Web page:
Last month, NYSAR launched a statewide multimedia “Cap that Tax” campaign in support of Gov. Andrew Cuomo’s proposed two-percent cap on property taxes. The campaign has been a resounding success, resulting in thousands of people from all across New York writing lawmakers in support of a cap.
To read more about the deal, see the below article by the Democrat and Chronicle:
ALBANY — Gov. Andrew Cuomo and Assembly Democrats have reached a deal to cap the growth of property taxes in New York to 2 percent a year and carve out limited exemptions for burgeoning pension costs.
The agreement would also put an expiration date on the cap, linking it to the expiration for rent regulations for New York City and its suburbs. The current rent regulations, which expire next month, were for eight years.
Cuomo endorsed the plan this morning, calling it a “very good plan.”
“It’s long overdue,” Cuomo said on Talk 1300-AM in Albany. “It would make a dramatic difference for the better in this state. The Assembly’s proposal is right on line with every piece I’ve had in my proposal.”
The sudden compromise between Cuomo and the Assembly now puts the onus on Senate Republican to sign off on it for it to become law. In January, Senate Republicans approved a stricter cap first proposed by Cuomo that had no exemptions for pension costs, and they’ve been reluctant to agree to changes.
Scott Reif, spokesman for Senate Republicans, said the conference would evaluate the proposal, but sounded optimistic about the changes.
“We’re reviewing the bill now and will formally conference it later today, but it includes many of the things Senate Republicans have been pushing for three years, since we first passed a property tax cap,” Reif said.
“Senator Skelos has insisted on a strong cap and elevated the property tax cap as a post-budget issue this year. We view this as a positive development in our efforts to enact a property tax cap.”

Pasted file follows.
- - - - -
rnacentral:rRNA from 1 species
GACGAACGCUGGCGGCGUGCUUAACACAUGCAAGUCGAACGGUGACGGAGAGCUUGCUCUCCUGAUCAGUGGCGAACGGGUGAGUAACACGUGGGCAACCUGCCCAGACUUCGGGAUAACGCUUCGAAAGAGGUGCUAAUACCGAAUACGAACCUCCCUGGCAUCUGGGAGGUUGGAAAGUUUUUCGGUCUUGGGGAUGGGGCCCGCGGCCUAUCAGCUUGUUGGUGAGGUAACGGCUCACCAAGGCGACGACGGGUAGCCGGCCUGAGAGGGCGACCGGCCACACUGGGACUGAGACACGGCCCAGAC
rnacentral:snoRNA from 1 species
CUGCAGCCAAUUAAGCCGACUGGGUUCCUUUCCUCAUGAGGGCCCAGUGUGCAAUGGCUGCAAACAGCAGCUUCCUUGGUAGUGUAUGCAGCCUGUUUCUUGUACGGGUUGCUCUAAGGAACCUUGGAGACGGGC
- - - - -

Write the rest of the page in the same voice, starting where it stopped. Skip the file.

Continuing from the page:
But as Gannett’s Albany bureau first reported earlier this month, Assembly Democrats were seeking some exemptions to pension costs in the cap to provide some relief to local governments and schools, as well as a sunset provision. Municipalities have warned that pension costs alone would likely exceed the 2 percent cap.
“Our message to property owners who have struggled under the burden of soaring taxes is simple,” said Assembly Speaker Sheldon Silver, D-Manhattan, in a statement this morning in announcing the compromise bill. “Hard working families are saddled with some of the highest property taxes in the nation and need real relief in order to be able to live and raise their children in New York state.”
The compromise would exempt pension payments from the cap that grow more than 2 percent a year. For example, next year pension costs for local governments are expected to grow from 16 percent to 19 percent of payroll — so all but the final 1 percent would be included in the cap.
The deal would also include Cuomo’s plan to require a 60 percent vote of residents in a community to override the tax cap for school budgets. Local governments and schools would also be able to carry over up to 1.5 percent from one year to the next if their tax levy is below the 2 percent cap.
Another exemption would allow local governments and school districts to adjust the tax levy higher than 2 percent if there’s a substantial growth in a community’s population.
The tax cap would take effect for the 2012 fiscal year for local governments and the 2012-13 school budget year, which starts July 1, 2012.